Where does your fascination of the philosophy about simulated reality come from?

EM: We are talking a lot about these things…

AZ: Exactly. We try to find all the answers (laughs).

EM: Where do we come from? Where are we going?

AZ: The five tracks of the release tell a story. The first one, “Futura”, is about imagining chaos coming to earth. Then “2030” is like a land with nothing after the catastrophe. “What now? Is there life here or not?” We call it 2030, because it’s the year when there’s supposed to be no way back in terms of the global warming. With the third track, “ESC”, we wanted to express the sensation of movement.

Escaping to the new planet?

AZ: Exactly. And you can start imagining that there is new life developing.

The visuals also look a bit like a cell.

AZ: Indeed. At the end there is also a humanoid figure, which can give you the option to imagine another breed, an alien or humans mixed with other beings.

EF: It can also be a new mentality, something more pure.

AZ: The next one again is more abstract, it reminds me of something really alien, the time of a mix, creating something new, a new species or new mentality. And finally the last one, “A1E5”, which is the name of the new planet.  

The sound and visuals are quite dark. What is your personal perspective on where we are going?

AZ: I always make that kind of music…   

EM: She’s on the dark side (laughs).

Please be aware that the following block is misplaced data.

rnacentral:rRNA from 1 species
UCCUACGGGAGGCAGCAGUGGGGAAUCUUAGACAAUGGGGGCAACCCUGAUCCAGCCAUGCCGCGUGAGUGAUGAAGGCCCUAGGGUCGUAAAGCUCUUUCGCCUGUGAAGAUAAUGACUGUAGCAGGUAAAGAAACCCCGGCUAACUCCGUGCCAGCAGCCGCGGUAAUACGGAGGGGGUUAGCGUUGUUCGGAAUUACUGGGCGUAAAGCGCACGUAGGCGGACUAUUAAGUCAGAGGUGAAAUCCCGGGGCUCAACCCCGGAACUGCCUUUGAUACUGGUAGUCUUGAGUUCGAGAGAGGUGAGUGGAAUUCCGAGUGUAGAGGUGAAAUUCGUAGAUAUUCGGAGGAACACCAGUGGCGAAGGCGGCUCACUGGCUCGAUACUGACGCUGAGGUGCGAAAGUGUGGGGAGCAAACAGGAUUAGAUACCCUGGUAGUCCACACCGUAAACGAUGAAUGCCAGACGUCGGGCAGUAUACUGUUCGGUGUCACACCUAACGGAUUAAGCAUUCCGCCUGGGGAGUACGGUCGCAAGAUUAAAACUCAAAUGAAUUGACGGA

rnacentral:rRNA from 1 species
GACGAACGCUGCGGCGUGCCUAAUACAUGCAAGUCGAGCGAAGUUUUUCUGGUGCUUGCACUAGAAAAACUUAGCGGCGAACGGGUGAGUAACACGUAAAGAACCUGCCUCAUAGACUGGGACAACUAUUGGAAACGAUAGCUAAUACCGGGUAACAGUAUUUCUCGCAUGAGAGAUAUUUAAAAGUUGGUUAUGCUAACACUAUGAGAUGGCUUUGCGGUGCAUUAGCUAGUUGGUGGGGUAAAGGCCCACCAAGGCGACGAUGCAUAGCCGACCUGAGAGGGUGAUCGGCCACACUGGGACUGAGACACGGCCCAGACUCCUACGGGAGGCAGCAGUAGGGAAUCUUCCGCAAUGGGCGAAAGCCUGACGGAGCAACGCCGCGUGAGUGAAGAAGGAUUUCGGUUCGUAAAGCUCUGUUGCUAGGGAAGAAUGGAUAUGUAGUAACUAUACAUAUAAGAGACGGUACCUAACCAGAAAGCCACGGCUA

AZ: Yes, you too. But you also bring many colours through the visuals, otherwise it would be hell.

EM: I add colour in a very pure way, because I imagine the world could be more pure, without all these dark things.

AZ: Even though it’s dark I also invite people to see that there is hope. I think there is hope. On another planet, in another dimension, another mentality…

Dark music can also give a lot of positive energy. There’s this cliché of death metal fans being the kindest and softest persons.

AZ: Because you can also find peace in darkness.

EM: In the end that’s the point, darkness can be happiness.

AZ: Definitely for me. I also listen to happy music, but only in the morning (laughs). I love the winter here in Berlin for making music. I really get in a very productive mood and I like that it’s getting dark early.

What is your approach to music production?

AZ: I made my first important release in 2015 and in the beginning, I started solely with Ableton. Slowly, I was getting more into machines and now I changed my set-up because I wanted to make it more analogue. I have an analogue rhythm drum machine, a tetra synthesizer and Ableton. I realized that I wanted to have more fun making music, not only being on the computer, sequencing everything with the mouse. I wanted to have more of this feeling of flow.

And what about you with the visuals?

EM: My background is in post-production of digital videos for commercials and things like that. There, I work with a lot of footage. In this project I have a much more minimalistic approach. I start with only one or two static pictures and then begin to develop the colours, shapes, and everything from there in real time.   

Finally, what are your future plans for the project?

AZ: Right now we’re really looking forward to present it in Monom. Of course it would be a dream to perform at important audio-visual festivals, but we live in the present. Now we have this and let’s see what it brings. And we are already working on new tracks, we have a lot of ideas. For the tracks for this EP I was working with techno in 120 bpm, but for the future I have all of these ideas, maybe I will play with dubstep or highstep or something like that. And let’s see what happens when we arrive on planet A1E5!